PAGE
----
The Peking University Cancer Hospital, one of the most comprehensive cancer centers in China, has a total capacity of 790 beds with all major medical specialties and services represented. The hospital, located in the capital city of Beijing, is an academic medical center with a strong basic and clinical research focus in addition to providing cancer treatments using a wide variety of interventional approaches.
Participants and assessment tool
The HSOPSC provides a comprehensive assessment of patient safety culture. The guideline is comprised of 42 items that measure 12 composites (10 safety dimensions and 2 outcome dimensions).
The investigation instrument was a validated Chinese version of the HSOPSC . It has also been used in many Chinese studies [5, 6]. The translated HSOPSC was delivered as an anonymous online survey, during April 2018 and 2019, respectively, to all the clinical and non-clinical hospital staff members whose jobs contributed to patient safety. Specifically, these respondents, included physicians, nurses, clinical and non-clinical staff, pharmacy and laboratory staff, dietary and radiology staff, supervisors, and hospital managers. The defined study sample comprised 1931 individuals.
Data were analyzed using SPSS 20.0. Univariate analysis was conducted to summarize the demographic characteristics of respondents. Respondents’ gender, job category, work unit, experience (in current hospital, department, and work area), and weekly hours of work were presented.
The HSOPSC is comprised of 42 items that measure 12 composites (i.e. each composite was calculated based on responses to 3–4 items). Items were scored on a five-point frequency scale and included both positively and negatively worded items. For each positively worded item, the percentage of positive responses was calculated, i.e., the percentage of respondents answering the question as “Strongly Agree/Agree” or “Always/Most of the time”.
Similarly, for reverse worded items, disagreement indicates a positive response, so the responses ‘Strongly Disagree/Disagree’ or ‘Never/Rarely’ are considered positive.
Composite level scores were computed by summing the items within the composite scales and dividing by the number of items with non-missing values. Cronbach’s Alpha was used to test for the internal consistency and reliability of the 12 composites.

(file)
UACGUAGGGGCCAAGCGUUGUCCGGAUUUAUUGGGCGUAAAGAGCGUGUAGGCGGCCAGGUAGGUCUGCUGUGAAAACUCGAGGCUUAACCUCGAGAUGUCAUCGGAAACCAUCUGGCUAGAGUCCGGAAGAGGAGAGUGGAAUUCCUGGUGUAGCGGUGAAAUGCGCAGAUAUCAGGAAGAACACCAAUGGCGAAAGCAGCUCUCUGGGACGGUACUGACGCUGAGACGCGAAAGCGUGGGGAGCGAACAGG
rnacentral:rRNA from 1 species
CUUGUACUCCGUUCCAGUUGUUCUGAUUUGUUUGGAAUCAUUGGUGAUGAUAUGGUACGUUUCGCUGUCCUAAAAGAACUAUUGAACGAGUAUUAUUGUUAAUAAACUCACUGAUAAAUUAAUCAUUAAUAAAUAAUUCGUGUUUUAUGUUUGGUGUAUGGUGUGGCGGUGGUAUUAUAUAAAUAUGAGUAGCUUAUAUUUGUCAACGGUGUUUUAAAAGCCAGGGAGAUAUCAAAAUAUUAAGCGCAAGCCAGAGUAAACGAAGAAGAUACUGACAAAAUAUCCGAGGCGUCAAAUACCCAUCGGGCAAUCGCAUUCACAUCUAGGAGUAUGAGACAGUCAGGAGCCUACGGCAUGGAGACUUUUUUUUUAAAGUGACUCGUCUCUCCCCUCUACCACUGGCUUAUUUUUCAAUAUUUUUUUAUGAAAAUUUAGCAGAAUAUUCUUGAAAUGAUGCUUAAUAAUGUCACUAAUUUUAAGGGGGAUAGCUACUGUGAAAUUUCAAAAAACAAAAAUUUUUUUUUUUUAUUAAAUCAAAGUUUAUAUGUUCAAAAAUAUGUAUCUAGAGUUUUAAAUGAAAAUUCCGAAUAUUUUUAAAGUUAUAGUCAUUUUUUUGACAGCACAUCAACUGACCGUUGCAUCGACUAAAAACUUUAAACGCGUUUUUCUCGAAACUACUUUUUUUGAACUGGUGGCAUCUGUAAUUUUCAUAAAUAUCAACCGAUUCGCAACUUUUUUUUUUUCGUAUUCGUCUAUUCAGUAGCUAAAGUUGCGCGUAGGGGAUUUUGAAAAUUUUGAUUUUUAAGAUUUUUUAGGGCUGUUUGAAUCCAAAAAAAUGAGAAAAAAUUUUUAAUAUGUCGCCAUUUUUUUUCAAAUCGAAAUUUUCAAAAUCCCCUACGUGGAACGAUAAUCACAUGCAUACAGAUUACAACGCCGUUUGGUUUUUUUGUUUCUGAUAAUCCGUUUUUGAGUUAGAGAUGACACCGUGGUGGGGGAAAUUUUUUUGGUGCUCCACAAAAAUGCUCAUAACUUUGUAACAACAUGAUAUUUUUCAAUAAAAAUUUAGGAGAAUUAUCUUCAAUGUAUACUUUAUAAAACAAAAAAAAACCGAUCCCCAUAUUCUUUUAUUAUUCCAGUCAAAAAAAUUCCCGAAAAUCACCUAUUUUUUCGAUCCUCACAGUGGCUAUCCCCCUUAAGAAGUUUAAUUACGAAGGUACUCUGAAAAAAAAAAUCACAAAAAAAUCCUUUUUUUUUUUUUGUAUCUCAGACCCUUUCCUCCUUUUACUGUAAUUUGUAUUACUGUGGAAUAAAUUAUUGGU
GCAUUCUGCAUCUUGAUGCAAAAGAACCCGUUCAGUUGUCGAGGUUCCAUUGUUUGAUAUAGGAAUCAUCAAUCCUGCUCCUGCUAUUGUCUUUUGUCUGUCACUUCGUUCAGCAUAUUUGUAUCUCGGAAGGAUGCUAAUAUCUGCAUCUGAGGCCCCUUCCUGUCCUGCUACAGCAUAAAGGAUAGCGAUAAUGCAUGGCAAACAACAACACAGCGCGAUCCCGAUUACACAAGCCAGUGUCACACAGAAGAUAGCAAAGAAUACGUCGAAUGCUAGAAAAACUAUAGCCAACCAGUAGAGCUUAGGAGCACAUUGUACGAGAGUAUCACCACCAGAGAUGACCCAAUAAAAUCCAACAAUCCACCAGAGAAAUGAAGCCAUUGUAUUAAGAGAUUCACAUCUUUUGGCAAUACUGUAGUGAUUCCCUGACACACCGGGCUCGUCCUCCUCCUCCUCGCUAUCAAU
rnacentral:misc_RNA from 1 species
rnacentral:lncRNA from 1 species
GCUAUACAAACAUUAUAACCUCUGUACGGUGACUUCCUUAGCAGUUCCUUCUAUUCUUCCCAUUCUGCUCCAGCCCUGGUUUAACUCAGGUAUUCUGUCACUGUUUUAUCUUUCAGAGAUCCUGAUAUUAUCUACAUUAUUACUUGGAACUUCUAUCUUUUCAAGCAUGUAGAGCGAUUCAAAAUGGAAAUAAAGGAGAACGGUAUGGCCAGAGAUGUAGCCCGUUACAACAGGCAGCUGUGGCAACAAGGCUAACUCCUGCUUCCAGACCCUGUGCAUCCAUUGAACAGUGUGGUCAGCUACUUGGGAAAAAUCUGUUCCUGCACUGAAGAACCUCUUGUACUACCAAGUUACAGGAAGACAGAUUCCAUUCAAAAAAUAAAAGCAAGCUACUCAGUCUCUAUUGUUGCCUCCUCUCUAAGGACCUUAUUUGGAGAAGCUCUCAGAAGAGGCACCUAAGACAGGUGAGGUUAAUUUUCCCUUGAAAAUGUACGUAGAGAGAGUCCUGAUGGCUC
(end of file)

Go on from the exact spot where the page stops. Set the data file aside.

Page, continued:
The Pearson’s correlation coefficient was used to examine the association between frequency of events reported and overall perception of safety and the remaining 10 composites at the bivariate level. The ‘number of events reported’ question asks for the number of adverse events reports the individual had submitted in the previous 12 months.
We used generalised estimating equations with an independence working correlation to fit a proportional odds logistic regression model for number of events and patient safety grade. The two outcomes were grouped into 3 categories: ‘Poor of Failing’, ‘Acceptable’, and ‘Excellent/Good’ for patient safety, and ‘> 5’, ‘1–5’, and ‘no events’ for number of events.
Finally, the percent positive responses for each composite variable calculated for Peking University Cancer Hospital, and published data from the Kingdom of Saudi Arabia, Lebanon, Turkey and the United States were compared collectively. A one-sample t-tests was used to compare the results of Peking University Cancer Hospital against these other countries in pairs.
A total of 1562 of the 1931 questionnaires was returned for a response rate of 80.9%. Respondents’ characteristics are presented in Table 1. The majority of respondents were female (72.7%). Almost one-third of respondents worked in surgical units (29.3%), while 20.5% worked in medical units, 27.3% in diagnostic units, 14.3% in administration, and 8.7% in other units. Doctors comprised 22.1% of the sampled respondents, 38.8% were nurses, 25.5% were technicians, and 13.6% were administrative staff. A third of respondents had between 1 and 5 years of experience (32.5%), while 23.1% had between 6 and 10 years of experience. Almost three-quarters of respondents indicated that their work required direct contact with patients (72.7%).